Running vim.org would work fine, but that's no solution. Somehow one could re-divert this (using dpkg-divert), uninstalling "kvim" seems to be the easier solution: Thus I purged the kvim-package, accepting the dependencies "kde" (which is only a metapackage), "kdeaddons" and "vimpart" also to be removed.
After that, "vim" worked just fine again...

(warty) Burning CDs

From AudioCDCreation: "Ubuntu's 1st release, WartyWarthog, contains no GUI solutions for the creation of audio CDs." ... see the webpage for more information on how to make audio CDs using Warty.

Nautilus

If you're using Warty's GNOME-2 default desktop, a Nautilus-window will pop up as soon as you insert a blank CD-recordable. Drag-and-drop your files and directories into this "CD/DVD Creator" (Location: burn:///) and hit "Write to Disc".
The first CD I wrote was broken: While I could see the content, I could not open any file due to I/O-errors. I don't know if this was a simple hick-up, or if I changed anything that was necessary for Nautilus to be able to properly write CDs. Anyway, I meanwhile installed KDE, k3b and set the SUID-bit of the cdrecord-executable ... I just tried Nautilus again some time, and it's simply been working perfectly fine since then!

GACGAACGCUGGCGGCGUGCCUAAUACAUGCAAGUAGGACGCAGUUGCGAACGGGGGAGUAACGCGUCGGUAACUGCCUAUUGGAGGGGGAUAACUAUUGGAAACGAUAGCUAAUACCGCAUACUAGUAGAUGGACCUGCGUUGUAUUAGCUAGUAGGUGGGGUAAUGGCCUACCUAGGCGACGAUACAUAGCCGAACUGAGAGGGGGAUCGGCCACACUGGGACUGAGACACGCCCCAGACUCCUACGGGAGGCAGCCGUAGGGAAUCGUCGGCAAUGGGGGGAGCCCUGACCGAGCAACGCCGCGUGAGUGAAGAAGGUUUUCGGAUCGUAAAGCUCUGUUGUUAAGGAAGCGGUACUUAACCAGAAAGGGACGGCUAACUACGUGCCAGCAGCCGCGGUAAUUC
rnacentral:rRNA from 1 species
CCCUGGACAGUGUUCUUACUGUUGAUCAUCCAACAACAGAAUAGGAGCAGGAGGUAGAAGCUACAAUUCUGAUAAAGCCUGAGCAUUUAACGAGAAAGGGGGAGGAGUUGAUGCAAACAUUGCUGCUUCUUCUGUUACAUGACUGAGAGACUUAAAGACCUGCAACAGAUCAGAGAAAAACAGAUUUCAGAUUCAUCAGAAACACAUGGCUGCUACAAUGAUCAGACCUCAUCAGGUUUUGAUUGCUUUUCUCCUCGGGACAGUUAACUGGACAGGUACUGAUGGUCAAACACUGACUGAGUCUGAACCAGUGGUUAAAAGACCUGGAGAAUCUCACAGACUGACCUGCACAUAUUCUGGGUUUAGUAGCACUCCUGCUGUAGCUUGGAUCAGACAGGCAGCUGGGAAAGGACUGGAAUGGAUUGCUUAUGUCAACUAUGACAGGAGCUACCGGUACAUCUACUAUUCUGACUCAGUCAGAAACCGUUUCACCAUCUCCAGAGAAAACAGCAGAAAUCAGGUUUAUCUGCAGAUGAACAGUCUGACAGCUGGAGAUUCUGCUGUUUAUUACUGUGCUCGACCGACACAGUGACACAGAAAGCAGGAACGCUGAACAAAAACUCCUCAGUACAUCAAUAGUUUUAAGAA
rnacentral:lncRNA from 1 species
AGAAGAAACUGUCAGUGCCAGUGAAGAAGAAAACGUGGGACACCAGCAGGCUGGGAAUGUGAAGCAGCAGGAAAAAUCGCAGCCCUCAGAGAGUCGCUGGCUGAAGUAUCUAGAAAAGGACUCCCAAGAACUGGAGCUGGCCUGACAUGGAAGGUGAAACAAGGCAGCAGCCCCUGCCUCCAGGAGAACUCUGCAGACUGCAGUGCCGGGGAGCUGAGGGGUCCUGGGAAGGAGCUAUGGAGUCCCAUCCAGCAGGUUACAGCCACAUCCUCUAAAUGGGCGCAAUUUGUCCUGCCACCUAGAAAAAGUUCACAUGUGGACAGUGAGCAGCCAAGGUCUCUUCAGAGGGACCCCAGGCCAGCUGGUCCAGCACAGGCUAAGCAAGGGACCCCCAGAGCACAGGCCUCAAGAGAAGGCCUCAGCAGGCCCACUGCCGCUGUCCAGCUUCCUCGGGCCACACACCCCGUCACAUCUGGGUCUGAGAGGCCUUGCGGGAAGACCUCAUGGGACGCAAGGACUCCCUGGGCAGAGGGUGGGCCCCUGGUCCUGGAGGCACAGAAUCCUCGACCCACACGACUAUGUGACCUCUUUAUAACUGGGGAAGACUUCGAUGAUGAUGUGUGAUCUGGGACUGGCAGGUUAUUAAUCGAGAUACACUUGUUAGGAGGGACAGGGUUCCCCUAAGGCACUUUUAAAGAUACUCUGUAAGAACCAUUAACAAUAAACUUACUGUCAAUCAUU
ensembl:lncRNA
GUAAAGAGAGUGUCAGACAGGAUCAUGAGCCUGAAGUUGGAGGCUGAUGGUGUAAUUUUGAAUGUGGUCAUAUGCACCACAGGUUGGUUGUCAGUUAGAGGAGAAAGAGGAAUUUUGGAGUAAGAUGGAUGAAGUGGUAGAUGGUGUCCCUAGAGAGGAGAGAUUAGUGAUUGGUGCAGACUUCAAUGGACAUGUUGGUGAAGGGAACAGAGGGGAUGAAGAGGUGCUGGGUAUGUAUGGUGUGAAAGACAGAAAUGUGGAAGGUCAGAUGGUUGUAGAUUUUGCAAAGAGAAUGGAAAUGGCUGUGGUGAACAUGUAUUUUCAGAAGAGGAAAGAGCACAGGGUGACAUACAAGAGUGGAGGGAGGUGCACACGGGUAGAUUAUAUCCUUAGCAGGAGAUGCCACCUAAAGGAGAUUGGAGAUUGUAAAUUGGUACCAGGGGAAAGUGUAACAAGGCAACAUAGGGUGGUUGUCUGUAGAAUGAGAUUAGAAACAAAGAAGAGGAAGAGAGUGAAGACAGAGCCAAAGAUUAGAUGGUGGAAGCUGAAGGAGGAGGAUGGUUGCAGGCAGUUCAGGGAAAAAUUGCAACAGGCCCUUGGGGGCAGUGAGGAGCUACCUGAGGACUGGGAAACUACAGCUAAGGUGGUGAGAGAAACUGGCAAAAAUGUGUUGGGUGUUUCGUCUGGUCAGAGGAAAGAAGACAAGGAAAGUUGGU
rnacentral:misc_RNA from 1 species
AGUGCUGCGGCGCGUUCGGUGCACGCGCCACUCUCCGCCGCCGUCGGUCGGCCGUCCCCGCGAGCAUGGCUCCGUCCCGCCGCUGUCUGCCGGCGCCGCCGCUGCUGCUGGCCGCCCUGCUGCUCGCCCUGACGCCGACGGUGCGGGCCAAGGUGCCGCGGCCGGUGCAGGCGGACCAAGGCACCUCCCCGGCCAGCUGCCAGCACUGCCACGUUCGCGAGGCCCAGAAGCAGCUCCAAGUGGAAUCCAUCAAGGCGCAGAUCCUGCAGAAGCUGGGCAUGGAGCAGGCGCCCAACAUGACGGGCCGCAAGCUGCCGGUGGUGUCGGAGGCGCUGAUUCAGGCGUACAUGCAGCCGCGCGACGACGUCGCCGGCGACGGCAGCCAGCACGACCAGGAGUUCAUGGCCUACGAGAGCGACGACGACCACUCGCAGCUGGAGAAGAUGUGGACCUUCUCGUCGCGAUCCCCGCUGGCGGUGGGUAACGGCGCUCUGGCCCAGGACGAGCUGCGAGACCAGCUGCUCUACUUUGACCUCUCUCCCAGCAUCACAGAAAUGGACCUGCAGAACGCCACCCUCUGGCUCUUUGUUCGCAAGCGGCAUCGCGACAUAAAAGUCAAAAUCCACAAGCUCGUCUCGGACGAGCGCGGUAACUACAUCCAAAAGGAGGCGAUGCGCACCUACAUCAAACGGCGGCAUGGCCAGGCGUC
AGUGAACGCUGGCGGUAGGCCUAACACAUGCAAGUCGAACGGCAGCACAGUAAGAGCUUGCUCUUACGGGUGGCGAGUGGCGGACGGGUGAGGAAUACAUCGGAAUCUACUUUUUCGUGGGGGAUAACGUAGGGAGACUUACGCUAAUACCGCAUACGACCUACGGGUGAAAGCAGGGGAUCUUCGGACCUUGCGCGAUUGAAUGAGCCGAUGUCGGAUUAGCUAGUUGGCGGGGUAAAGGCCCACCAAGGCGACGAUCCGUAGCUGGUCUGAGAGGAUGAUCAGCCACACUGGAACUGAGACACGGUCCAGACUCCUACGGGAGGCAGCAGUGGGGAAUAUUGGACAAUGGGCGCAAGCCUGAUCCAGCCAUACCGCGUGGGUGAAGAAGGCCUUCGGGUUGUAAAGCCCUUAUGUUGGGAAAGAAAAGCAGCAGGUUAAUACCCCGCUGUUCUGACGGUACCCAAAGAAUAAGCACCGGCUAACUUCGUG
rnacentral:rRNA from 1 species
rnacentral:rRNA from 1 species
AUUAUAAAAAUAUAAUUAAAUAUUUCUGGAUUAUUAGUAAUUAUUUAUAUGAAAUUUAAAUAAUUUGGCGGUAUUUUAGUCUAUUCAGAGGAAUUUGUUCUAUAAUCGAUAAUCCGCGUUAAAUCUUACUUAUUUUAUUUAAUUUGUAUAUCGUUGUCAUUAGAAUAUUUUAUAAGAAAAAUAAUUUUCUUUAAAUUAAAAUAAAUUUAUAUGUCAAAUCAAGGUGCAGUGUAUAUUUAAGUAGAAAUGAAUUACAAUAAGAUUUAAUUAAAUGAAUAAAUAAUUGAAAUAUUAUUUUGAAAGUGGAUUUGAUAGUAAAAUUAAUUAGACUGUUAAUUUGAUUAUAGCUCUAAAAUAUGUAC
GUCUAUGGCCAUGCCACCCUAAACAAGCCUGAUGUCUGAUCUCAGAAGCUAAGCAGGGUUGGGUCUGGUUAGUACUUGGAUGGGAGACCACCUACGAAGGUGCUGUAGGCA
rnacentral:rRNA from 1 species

cdrecord

If you want to write CDs on the command-line using cdrecord directly: It seems that Linux 2.6.8.1 breaks SUID-root-rights of executables when trying to write CDs, thus you will have to run the cdrecord-binary as "root" (using 'su' or 'sudo') directly (relying on the SUID-bit being set might not work). I haven't checked yet if this is true for the Warty-kernel too ...
Anyway, with my ATA-based CD-writer (/dev/hdc), I can write a directory using a command such as "mkisofs -r -J directory/ | cdrecord dev=/dev/hdc -v -".

k3b

If you wanna use KDE's "k3b", follow these instructions: How To - Install k3b & login.
It basically boils down to installing "k3b" as well as "cdrdao" and then running "k3bsetup" and "k3b" via a root-shell (do not use sudo as this might screw your home-directory and you won't be able to login again, use a root-shell or "gksudo" or something like that ...)

Other CD-writing software

(warty) GTK-1 applications

While GTK-1 applications are becoming rare these days, the Sylpheed mail client is such a program.

In order to change the application's sans-serif font to a size that matches the other fonts used, I simply had to create ~/.gtkrc.mine with the following content:

style "user-font"
{
  fontset="-adobe-helvetica-medium-r-normal-*-*-100-*-*-p-*-iso8859-1"
}
widget_class "*" style "user-font"

(This file is included by ~/.gtkrc-1.2-gnome2.)

(warty) Multimedia

XMMS & beep media player

Well, what is there to say about XMMS? I think everybody knows this great media-player.